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WXPR's We Live Up Here series is a home for stories that focus on the people, history, and culture that make the Northwoods of Wisconsin and the Upper Peninsula of Michigan such a unique place to live.

We Live Up Here: Raptor Education Group

Image by Jim Skibo

As part of the We Live Up Here series, Jim Skibo visited with Raptor Education Group Director, Marge Gibson. She moved back to Antigo to be closer to family, research and write about birds. She and her late husband, Don, soon discovered, however, that the northwoods lacked a facility for bird rehabilitation. In 1990 they opened a facility that takes in about a 1000 injured birds per year along with providing many educational opportunities.

Today in the clinic, nestled in the hardwoods southwest of Antigo, Marge Gibson, founder and director of the Raptor Education Group, or REGI, is holding an adult bald eagle like someone might cradle a young child. Decades of experience handling raptors keeps the bird calm. Marge and Rehabilitation Director, Audrey Gossett, have just brought in the bird for a checkup.

A week or so ago, the adult male, now looking strong and majestic but still unable to fly, was not doing so well. The bird has lead positioning and a broken leg he suffered when hit by a car.

According to Marge, about a quarter of the eagles that come in have lead poisoning. If untreated, lead poisoning will be fatal for the eagle. When they receive a sick bird in time they can be treated, but it is very expensive. Besides food and months of treatment, the medication alone can cost between $500 to $1000 per bird.

The prognosis for this patient is good, but they would see far fewer sick eagles if hunters would abandon the use of lead bullets and shot. Many people think that a bullet passes through a deer, but that is not true.

In x-rays, according to Marge, the lead looks like a snowstorm inside the animal up to 18 inches from the wound channel.

Credit Image by Jim Skibo
Marge Gibson and Audrey Gossett examine an x-ray of a recent patient

Eagles and other animals get ill from feeding on gut piles or wounded animals who die without recovery by hunters.  Although many hunters now use copper instead of lead bullets, Marge recommends that all hunters do the same. She notes that we can’t do much to keep eagles from getting hit by cars or injuring themselves, but we could cut down by 25% the number of eagles coming to the clinic if lead bullets were not used.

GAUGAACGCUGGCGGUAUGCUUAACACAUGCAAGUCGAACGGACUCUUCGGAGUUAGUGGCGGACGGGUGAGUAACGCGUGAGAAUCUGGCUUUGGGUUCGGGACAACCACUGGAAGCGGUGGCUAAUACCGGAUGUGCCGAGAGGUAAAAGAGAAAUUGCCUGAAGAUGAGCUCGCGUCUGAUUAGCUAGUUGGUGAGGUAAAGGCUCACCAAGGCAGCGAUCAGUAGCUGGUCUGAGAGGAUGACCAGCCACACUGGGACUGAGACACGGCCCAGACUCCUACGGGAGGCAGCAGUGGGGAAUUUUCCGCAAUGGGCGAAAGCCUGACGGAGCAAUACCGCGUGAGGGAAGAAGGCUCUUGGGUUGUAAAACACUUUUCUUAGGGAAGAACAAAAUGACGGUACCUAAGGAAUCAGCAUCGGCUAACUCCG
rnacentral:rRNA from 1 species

What should a person do if they come across an injured bird? According to Marge, a person should try to contain the injured bird with first a towel and then a cardboard box. A cage should not be used because the bird can hurt themselves trying to escape. Then a wildlife rehabilitation center, like REGI, should be called and they will take it from there. The REGI staff will often try to talk you through the process of transporting the bird, even the raptors.

Marge notes that owls, hawks and eagles are usually quite calm if they are injured. The REGI staff can talk you through how to handle the bird and bring it in or they can send someone to help.

One of the unique features of REGI is their fly barn. The fly barn is an indoor space with perches, large enough to allow raptors to practice flying before release. Once eagles are healthy enough to fly, they must regain their strength before being reintroduced to the wild. The eagles in the fly barn on this afternoon were in various states of rehabilitation. Even to the untrained eye, one can see that some birds seem quite fit while others struggle to maintain a path and land smoothly. Cameras mounted in the fly barn permit the staff to monitor each bird’s progress.

Once they can fly perfectly, they are released to the wild. They always set them free in the winter along open water where eagles congregate. According to Marge, the adults at the winter sites will help out other eagles as they are “good parents and good neighbors.”

The eagle releases are open to the public, and Marge encourages people to attend where they not only get an opportunity to celebrate a successful rehabilitation, but also get a rare chance to get up close to an eagle.

Credit Image by Jim Skibo
Talons of an adult male eagle

Besides bird rehabilitation, a large part of REGIs mission is education. They do about  250 programs a year. They also have an adventure camp for kids during the summer and an active internship program that brings in college students from around the country. In addition, REGI opens their doors to tours May through September.

Because REGI is a nonprofit organization, they also welcome volunteers and any kind of assistance. They receive some grants, but most of their funds comes from donations, big and small.  A popular way to donate is to use their Amazon wish list and donate items, which are used directly by their patients.

If you would like to volunteer, schedule a student event, or witness an eagle release, you can visit their web site http://www.raptoreducationgroup.org/  or get more information at https://www.wxpr.org/topic/we-live-here.

Cover photo: Marge Gibson examining an adult male eagle in the clinic for lead posion and a broken leg.

James M. Skibo is Emeritus Distinguished Professor of Anthropology at Illinois State University. He is the author of five books, including two written for the general audience, Ants for Breakfast, and Bear Cave Hill. In 2021 James moved to the Madison area and is now the State Archeologist.
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